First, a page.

Media’s ‘Racist’ Judgment Call Against Trump Hurts The Institution

Media’s ‘Racist’ Judgment Call Against Trump Hurts The Institution

Much of the establishment media made the decision this week to describe President Trump’s inflammatory “go back” tweet, directed at several non-white Democratic congresswomen, as “racist.” They did this not in the context of opinion programming, but objective news coverage.

There is a legitimate case to be made that Trump’s tweet was, indeed, racist—intentionally or otherwise. It’s not a case with which I agree, but it’s certainly a reasonable one. Personally, I side with Brit Hume, who tweeted: “Trump’s ‘go back’ comments were nativist, xenophobic, counterfactul [sic] and politically stupid. But they simply do not meet the standard definition of racist, a word so recklessly flung around these days that its actual meaning is being lost.”

This is not an argument necessarily rooted in a reflexive need to defend the president or split hairs and dunk on the press, but actually a genuine effort to prevent the kind of media malpractice that is hurting the institution by causing consumers to lose trust.

Consumers lose trust because the alleged racism of Trump’s language is a matter of debate in the first place. If this is debatable even within the ideologically monolithic mainstream media itself (and it is, from NPR to the Washington Post) imagine the diversity of opinion outside coastal newsrooms. This CNN panel is just a taste of that. When a lot of decent people see what they perceive as the misapplication of a serious label, they trust it less the next time it’s used. And the next time it’s used may be much more clear cut.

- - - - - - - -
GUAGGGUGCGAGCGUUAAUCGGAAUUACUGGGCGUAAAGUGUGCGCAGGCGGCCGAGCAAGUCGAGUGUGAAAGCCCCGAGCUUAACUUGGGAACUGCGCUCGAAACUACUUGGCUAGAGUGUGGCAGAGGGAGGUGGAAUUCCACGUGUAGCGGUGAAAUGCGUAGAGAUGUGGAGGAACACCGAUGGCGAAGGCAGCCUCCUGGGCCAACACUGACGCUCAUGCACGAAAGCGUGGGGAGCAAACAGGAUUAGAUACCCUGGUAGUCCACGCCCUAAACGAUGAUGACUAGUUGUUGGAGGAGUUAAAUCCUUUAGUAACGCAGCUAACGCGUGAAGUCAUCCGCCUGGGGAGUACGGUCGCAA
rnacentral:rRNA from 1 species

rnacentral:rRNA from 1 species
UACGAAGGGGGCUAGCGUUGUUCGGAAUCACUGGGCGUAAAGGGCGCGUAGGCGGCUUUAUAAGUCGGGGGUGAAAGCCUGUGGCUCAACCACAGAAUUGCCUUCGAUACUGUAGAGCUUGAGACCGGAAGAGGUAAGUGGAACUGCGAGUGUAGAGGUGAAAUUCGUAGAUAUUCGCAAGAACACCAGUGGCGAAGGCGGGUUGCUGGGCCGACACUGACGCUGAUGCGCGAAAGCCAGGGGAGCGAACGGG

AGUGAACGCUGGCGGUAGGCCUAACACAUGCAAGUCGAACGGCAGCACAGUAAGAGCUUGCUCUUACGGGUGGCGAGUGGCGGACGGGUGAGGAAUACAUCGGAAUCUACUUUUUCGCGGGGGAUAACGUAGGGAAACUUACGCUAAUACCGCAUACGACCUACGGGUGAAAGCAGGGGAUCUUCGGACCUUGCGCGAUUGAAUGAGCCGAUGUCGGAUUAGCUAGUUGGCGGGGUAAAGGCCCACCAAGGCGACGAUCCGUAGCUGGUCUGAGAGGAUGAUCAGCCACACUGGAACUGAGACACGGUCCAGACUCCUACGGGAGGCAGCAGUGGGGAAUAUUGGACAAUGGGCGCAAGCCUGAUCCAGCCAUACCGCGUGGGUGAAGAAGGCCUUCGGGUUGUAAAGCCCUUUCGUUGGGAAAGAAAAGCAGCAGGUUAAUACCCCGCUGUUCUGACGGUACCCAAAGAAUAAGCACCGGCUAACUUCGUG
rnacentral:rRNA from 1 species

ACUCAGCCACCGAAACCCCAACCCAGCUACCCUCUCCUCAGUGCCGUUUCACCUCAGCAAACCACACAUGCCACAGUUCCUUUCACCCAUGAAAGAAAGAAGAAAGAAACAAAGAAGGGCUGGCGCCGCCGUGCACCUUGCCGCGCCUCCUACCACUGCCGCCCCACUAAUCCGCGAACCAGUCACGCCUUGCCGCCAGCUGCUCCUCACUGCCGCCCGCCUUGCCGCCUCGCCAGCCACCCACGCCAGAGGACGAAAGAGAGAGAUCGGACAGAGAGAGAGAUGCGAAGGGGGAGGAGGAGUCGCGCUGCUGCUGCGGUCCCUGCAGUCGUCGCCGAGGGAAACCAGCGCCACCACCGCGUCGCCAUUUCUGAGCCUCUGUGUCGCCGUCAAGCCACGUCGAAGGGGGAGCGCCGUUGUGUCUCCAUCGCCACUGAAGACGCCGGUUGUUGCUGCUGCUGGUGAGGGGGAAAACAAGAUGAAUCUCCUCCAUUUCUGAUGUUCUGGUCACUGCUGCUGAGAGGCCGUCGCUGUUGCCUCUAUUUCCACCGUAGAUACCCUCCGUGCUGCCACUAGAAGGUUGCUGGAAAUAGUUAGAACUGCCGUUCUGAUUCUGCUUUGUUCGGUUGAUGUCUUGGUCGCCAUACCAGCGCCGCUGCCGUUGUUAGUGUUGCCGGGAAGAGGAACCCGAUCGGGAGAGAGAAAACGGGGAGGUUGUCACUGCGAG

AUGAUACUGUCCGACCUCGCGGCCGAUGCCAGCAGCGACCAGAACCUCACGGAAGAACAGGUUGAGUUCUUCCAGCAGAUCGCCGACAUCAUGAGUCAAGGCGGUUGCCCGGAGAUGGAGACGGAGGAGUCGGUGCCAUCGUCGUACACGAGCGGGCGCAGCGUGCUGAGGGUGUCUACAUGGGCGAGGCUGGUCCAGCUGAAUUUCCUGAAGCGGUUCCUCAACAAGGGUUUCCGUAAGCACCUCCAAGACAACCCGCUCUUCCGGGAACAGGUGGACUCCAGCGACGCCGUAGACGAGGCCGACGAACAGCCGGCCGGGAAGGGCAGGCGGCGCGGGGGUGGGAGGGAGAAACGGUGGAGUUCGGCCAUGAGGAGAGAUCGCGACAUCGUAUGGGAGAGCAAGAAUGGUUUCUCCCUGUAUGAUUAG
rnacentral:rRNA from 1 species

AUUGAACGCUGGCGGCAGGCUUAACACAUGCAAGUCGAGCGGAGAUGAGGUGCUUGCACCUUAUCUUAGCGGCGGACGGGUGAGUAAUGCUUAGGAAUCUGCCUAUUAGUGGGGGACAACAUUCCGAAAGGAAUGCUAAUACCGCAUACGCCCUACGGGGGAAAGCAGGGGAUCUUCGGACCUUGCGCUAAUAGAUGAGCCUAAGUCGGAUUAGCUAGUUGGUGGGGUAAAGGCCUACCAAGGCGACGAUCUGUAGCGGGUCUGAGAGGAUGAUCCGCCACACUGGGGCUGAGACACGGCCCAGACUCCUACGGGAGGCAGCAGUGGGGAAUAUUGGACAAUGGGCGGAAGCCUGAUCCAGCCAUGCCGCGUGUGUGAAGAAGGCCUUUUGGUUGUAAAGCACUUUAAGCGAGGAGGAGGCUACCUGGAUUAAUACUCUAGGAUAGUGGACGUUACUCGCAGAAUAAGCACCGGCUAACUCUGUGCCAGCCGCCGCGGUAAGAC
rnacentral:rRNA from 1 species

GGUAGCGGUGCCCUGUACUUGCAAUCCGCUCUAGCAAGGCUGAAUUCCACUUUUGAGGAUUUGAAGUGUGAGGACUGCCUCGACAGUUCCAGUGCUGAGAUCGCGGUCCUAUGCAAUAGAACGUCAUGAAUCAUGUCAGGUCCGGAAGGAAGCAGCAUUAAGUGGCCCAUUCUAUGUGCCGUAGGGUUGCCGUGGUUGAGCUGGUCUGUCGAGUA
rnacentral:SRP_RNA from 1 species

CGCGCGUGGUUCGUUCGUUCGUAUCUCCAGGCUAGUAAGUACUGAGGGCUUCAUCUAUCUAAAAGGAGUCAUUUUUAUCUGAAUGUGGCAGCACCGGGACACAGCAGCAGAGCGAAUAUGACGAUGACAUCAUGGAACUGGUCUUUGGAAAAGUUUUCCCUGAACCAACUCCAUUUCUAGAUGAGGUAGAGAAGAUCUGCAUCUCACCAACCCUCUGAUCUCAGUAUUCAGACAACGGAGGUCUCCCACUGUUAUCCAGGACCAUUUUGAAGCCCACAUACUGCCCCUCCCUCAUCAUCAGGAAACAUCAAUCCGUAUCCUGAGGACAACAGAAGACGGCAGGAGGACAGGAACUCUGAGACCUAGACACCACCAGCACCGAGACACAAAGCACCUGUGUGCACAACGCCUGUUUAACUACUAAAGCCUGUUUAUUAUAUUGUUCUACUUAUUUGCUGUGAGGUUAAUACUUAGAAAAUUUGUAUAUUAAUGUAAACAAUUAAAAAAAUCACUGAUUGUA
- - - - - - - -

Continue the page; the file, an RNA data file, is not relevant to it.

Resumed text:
Think of a future politician along the lines of Arthur Jones, a Holocaust-denying bigot who ran for Congress as a Republican in Illinois last cycle. When people like him are able to approach average voters and say the left-wing media is smearing them as racist, those claims carry more credibility because voters have actually seen the left-wing media smear decent people as racists (see: Covington Catholic), or because they believe it’s simply been overused, as many likely do in this case. There are real, dangerous consequences to decisions like these.

Of course, there are also real and dangerous consequences to tip-toeing around clear-cut racism. Deciding how to use these labels is not an easy task, and shouldn’t be treated as one.

Make the argument that it’s racist as an opinion journalist. Give the argument fair airtime as a neutral one. But so long as much of the media purports to be objective, the public should be let to make its own judgment in close calls—not for the sake of the president, but for the sake of the institution.

Emily Jashinsky is culture editor at The Federalist. You can follow her on Twitter @emilyjashinsky .
Photo White House / public domain
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